Saturday 3 December 2016

Al-Qa'ida bomb plot suspects to stay in UK

Duncan Gardham and Gordon Rayner in London

Published 19/05/2010 | 05:00

A PAIR of suspected al-Qa'ida terrorists who allegedly plotted to bomb a packed shopping centre cannot be deported to Pakistan because it would breach their human rights, a tribunal ruled yesterday.

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Abid Naseer and Ahmad Faraz Khan won the right to stay in Britain even though the court accepted they were planning an "imminent" attack in Manchester when they were arrested last year.

A judge said he was "satisfied" that ringleader Naseer, in particular, "still poses a serious threat to the national security of the United Kingdom" but his hands were tied by human rights law because the two men might be tortured if they were sent home.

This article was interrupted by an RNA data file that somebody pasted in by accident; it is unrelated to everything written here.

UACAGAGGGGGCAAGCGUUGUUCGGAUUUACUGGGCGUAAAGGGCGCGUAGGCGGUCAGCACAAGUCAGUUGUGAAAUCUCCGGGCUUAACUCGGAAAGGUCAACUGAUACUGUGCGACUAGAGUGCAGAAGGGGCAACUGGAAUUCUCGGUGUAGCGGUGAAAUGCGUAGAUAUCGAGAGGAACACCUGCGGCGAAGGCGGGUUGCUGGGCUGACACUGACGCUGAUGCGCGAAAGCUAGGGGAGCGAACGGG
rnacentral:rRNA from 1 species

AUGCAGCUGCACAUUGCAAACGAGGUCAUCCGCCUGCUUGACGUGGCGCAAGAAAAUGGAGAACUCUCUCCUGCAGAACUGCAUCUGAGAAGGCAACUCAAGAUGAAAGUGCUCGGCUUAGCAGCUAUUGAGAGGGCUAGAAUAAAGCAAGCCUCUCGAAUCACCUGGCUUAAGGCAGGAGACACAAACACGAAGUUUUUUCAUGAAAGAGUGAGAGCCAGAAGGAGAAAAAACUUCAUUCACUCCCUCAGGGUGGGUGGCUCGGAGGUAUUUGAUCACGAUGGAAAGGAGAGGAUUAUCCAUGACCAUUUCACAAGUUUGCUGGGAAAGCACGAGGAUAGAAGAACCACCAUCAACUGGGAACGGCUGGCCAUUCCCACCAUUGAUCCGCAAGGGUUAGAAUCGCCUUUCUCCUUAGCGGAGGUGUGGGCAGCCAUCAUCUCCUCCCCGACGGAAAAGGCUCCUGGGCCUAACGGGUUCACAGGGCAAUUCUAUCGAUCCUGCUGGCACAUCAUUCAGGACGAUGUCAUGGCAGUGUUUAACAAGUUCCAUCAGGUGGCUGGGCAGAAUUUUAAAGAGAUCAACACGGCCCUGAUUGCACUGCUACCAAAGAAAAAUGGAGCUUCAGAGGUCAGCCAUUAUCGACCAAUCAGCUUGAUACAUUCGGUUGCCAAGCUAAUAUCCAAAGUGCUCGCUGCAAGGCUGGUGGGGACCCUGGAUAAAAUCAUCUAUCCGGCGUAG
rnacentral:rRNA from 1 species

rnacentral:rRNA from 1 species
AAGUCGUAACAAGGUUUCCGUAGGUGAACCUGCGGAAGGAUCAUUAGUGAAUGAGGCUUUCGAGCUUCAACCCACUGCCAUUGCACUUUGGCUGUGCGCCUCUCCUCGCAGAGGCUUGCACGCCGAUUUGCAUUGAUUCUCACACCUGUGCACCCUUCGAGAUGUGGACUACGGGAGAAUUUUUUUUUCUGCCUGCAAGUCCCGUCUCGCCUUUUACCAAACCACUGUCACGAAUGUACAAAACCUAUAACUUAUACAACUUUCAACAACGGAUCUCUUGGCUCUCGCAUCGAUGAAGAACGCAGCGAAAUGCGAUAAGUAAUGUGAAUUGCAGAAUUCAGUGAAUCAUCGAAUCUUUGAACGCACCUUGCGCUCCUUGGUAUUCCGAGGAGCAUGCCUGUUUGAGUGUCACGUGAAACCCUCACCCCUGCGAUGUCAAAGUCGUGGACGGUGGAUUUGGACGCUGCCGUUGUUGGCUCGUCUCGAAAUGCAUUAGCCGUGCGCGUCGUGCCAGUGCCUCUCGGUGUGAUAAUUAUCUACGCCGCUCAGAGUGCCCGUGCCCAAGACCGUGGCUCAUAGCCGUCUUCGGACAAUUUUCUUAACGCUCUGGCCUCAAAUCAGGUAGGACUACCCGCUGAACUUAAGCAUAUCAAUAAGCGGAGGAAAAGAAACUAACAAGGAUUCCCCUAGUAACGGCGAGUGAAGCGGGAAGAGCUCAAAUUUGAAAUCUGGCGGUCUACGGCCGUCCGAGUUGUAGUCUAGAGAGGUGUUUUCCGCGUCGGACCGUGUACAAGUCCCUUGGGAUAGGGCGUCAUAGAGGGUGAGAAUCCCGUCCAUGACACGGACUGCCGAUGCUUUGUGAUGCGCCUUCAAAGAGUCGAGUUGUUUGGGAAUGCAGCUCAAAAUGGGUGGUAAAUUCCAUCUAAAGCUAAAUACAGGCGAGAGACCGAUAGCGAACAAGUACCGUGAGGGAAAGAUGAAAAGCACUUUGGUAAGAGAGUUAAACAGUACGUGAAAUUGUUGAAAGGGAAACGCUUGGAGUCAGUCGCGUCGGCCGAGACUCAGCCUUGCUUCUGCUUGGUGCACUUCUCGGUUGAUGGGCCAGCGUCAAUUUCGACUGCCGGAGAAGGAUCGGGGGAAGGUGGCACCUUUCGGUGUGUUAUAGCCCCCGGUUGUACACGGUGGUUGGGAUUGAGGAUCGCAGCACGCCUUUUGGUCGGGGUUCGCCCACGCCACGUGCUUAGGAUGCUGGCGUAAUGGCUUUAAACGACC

The ruling has reignited debate on the European Convention on Human Rights, on which the men based their appeal against deportation.

British Home Secretary Theresa May said she was "disappointed" with the decision, but there was confusion last night about whether Britain's coalition government would repeal the relevant human rights laws.

Paymaster General Francis Maude initially said the government had "no plans" to do so, but later ministers announced a commission to study the creation of a UK Bill of Rights which would give British courts supremacy over European legislation.

Naseer (24) and Khan (26) were among 12 suspects arrested in Manchester, Liverpool and Lancashire last April following an intensive surveillance operation led by MI5. The men were never charged but the Home Office attempted to deport Naseer and Khan on national security grounds. (© Daily Telegraph, London)

Irish Independent

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